“Shame on you,” Turkish media quoted him as saying in a speech at the presidential palace. “It’s clear where Turkey buys its oil and gas ... Those who claim we are buying oil from Daesh [ISIS] like this must prove their claims. Nobody can slander this country.”

The aircraft downing sparked a major diplomatic row between Ankara and Moscow, which has announced a range of sanctions against Turkey.

Turkey says the warplane briefly entered Turkish airspace and ignored repeated warnings; Russia disputes that it breached the border, or that any warnings had been received.

After the two pilots ejected from the stricken aircraft, one was shot dead by Turkish-backed Turkmen rebels as he descended by parachute, while the second was rescued on the ground by Russian and Syrian forces. A Russian marine was also killed by rebels during a search-and-rescue operation.

Erdogan and Putin are both scheduled to be at the U.N. climate conference in Paris on Monday. There has been no confirmation that they will meet on the sidelines, although Erdogan has requested a meeting.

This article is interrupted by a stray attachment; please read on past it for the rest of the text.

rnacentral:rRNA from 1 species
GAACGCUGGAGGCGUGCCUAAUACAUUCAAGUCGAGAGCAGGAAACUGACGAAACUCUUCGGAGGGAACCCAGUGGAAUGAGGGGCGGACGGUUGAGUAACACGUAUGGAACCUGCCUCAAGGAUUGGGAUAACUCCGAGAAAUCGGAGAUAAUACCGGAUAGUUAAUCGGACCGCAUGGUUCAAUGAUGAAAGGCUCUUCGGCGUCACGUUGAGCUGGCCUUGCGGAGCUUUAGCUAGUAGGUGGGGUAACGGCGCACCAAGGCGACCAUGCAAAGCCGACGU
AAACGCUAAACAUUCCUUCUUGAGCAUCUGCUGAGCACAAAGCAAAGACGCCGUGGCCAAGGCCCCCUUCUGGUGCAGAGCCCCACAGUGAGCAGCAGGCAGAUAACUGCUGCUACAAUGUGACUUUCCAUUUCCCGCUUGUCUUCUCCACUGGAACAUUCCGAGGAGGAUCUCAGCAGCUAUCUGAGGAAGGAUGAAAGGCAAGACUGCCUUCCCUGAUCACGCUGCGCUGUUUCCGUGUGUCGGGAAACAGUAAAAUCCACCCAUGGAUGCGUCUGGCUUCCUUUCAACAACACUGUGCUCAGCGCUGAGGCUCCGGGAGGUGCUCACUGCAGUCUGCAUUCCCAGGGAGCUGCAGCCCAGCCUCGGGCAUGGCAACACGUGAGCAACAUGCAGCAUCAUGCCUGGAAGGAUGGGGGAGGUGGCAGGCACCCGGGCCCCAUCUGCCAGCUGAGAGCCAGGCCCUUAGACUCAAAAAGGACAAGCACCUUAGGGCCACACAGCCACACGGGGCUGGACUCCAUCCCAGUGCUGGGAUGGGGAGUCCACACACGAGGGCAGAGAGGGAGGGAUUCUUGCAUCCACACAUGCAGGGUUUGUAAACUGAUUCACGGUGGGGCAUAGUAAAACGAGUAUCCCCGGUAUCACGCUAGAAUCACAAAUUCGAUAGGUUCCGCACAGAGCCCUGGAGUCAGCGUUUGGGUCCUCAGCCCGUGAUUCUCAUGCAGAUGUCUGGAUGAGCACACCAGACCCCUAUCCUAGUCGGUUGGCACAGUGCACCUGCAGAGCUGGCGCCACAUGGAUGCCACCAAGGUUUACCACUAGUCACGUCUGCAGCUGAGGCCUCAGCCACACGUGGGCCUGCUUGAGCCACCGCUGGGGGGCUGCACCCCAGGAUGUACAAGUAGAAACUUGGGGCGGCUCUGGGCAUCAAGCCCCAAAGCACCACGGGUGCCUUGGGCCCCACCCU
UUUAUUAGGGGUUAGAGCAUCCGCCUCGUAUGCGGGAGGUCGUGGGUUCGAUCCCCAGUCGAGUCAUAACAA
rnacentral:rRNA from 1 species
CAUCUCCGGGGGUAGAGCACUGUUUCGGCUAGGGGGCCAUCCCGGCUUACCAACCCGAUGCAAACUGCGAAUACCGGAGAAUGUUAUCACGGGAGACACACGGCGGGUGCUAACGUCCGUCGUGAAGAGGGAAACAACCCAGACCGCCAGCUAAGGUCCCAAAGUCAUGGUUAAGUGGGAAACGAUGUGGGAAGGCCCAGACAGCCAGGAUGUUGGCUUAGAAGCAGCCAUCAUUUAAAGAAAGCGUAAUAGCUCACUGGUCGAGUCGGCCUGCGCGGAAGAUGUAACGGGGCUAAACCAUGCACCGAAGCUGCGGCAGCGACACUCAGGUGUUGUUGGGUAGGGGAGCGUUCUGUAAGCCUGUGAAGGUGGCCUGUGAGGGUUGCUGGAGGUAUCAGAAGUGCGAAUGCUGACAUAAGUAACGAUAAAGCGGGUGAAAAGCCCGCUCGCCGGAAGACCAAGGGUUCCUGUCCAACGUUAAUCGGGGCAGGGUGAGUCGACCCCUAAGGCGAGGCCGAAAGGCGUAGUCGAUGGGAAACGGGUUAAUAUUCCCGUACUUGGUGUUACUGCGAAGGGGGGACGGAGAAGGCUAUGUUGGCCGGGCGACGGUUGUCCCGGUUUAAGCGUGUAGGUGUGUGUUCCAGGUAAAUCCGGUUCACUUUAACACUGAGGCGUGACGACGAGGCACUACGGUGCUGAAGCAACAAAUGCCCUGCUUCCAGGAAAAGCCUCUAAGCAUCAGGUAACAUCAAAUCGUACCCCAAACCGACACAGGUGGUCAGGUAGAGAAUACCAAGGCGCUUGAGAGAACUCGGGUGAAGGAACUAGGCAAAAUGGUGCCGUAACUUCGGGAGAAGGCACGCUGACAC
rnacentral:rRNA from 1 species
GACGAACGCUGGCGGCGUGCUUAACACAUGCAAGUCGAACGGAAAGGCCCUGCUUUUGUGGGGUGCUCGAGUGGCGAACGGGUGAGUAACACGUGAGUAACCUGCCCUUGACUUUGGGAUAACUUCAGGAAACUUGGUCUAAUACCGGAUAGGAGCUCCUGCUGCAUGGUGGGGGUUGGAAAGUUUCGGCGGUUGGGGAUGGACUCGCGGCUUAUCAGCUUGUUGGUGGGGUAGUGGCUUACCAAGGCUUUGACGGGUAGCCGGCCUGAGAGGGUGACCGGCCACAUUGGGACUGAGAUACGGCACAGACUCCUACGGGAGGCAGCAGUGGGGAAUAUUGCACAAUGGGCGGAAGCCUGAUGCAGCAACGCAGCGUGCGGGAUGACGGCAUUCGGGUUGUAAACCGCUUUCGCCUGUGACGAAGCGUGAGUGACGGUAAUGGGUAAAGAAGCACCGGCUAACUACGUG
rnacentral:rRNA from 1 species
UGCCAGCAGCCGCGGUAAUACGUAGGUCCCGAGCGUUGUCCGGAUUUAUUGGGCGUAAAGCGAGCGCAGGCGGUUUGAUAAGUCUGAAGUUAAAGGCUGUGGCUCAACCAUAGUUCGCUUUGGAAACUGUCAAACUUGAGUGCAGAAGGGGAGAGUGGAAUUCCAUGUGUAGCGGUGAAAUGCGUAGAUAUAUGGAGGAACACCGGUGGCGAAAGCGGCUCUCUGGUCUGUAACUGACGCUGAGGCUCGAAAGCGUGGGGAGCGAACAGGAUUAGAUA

Two days after the G20 summit – where Putin says he showed leaders photographs of the lined-up oil tankers – the Pentagon announced that U.S. warplanes had for the first time bombed oil tankers in ISIS-controlled areas of Syria.

Asked why it had taken more than a year since the anti-ISIS air campaign began to target the trucks, coalition spokesman U.S. Army Col. Steve Warren said oil infrastructure had been hit in the past, but that the move to bombing the trucks had come after “a long process of discussion, of analysis and then finally decision.”

One of the concerns, he said, was the fact the trucks were driven by civilians, not ISIS fighters.

“So we had to figure out a way around that. We're not in this business to kill civilians, we're in this business to stop ISIL – to defeat ISIL.”

In the end, leaflets were dropped 45 minutes before the bombs fell, warning the drivers to “get out of your trucks now and run away from them.”

Patrick Goodenough
Patrick Goodenough
Spencer Journalism Fellow